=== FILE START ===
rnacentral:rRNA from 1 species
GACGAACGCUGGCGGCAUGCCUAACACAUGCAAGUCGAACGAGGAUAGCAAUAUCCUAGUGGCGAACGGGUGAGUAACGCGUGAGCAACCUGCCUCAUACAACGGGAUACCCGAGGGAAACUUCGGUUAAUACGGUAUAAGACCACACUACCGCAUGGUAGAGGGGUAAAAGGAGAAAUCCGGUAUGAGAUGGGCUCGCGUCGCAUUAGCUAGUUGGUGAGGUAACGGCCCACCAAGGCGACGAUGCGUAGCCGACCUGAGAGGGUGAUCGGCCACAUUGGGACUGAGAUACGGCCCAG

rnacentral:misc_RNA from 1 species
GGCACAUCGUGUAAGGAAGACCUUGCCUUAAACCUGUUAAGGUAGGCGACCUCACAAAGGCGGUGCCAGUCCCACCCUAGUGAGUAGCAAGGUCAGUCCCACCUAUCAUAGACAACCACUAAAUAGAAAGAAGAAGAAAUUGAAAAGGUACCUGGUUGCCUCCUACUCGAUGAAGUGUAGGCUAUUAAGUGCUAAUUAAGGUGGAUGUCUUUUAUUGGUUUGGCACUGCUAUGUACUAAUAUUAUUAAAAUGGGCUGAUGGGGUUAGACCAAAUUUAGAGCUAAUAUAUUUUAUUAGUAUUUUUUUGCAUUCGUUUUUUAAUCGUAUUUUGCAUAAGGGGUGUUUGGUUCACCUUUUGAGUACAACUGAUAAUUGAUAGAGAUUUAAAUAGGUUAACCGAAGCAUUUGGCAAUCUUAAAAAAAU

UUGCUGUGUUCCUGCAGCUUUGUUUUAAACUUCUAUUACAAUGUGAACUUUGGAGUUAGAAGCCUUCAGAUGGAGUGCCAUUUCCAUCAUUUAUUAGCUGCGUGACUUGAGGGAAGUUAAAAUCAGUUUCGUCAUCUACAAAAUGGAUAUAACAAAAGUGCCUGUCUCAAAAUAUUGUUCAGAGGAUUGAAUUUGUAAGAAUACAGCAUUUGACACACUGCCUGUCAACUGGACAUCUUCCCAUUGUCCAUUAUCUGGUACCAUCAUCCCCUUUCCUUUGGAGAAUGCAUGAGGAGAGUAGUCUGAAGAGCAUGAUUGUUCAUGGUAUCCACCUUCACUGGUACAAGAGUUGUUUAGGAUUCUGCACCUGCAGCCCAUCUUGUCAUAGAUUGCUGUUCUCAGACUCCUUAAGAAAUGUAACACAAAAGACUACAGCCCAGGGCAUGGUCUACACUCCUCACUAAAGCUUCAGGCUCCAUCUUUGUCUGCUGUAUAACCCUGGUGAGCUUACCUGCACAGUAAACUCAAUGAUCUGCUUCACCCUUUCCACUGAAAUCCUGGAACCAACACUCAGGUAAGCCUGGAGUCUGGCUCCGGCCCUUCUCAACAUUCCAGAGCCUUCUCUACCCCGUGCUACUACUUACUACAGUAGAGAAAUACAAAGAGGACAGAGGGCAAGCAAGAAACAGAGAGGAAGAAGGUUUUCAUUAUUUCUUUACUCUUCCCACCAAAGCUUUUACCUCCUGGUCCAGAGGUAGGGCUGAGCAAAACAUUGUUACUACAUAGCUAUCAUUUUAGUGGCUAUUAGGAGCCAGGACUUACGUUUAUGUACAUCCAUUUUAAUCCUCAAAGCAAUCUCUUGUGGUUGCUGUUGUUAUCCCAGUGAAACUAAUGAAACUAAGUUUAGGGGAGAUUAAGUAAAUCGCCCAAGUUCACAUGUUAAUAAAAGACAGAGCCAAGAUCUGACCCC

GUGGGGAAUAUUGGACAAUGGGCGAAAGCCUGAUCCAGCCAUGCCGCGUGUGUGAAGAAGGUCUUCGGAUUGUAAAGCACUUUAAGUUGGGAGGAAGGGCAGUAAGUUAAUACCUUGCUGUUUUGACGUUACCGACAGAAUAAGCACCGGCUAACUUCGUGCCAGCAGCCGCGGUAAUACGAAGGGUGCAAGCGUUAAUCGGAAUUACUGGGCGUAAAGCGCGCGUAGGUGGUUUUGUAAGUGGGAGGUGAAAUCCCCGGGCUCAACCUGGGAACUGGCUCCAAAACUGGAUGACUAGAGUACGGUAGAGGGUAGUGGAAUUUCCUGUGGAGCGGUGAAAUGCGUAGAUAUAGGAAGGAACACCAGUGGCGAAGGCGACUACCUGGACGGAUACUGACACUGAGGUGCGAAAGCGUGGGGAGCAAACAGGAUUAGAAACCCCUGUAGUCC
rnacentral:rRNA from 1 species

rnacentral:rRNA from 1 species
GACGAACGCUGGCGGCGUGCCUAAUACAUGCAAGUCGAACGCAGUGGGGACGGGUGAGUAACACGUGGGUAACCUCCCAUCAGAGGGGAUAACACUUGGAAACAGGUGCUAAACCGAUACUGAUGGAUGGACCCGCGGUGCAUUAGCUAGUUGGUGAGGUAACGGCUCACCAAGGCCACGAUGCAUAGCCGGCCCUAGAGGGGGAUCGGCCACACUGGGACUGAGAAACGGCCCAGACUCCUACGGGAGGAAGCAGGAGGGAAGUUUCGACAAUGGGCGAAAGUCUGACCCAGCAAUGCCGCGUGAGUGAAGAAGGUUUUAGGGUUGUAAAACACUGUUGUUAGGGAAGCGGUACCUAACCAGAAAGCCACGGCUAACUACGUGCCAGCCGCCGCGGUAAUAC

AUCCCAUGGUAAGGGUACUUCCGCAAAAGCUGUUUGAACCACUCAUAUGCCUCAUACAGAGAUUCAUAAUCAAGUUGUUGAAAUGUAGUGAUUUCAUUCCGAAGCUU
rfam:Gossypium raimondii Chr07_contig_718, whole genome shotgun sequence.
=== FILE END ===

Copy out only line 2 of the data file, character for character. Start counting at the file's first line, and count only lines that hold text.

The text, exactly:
GACGAACGCUGGCGGCAUGCCUAACACAUGCAAGUCGAACGAGGAUAGCAAUAUCCUAGUGGCGAACGGGUGAGUAACGCGUGAGCAACCUGCCUCAUACAACGGGAUACCCGAGGGAAACUUCGGUUAAUACGGUAUAAGACCACACUACCGCAUGGUAGAGGGGUAAAAGGAGAAAUCCGGUAUGAGAUGGGCUCGCGUCGCAUUAGCUAGUUGGUGAGGUAACGGCCCACCAAGGCGACGAUGCGUAGCCGACCUGAGAGGGUGAUCGGCCACAUUGGGACUGAGAUACGGCCCAG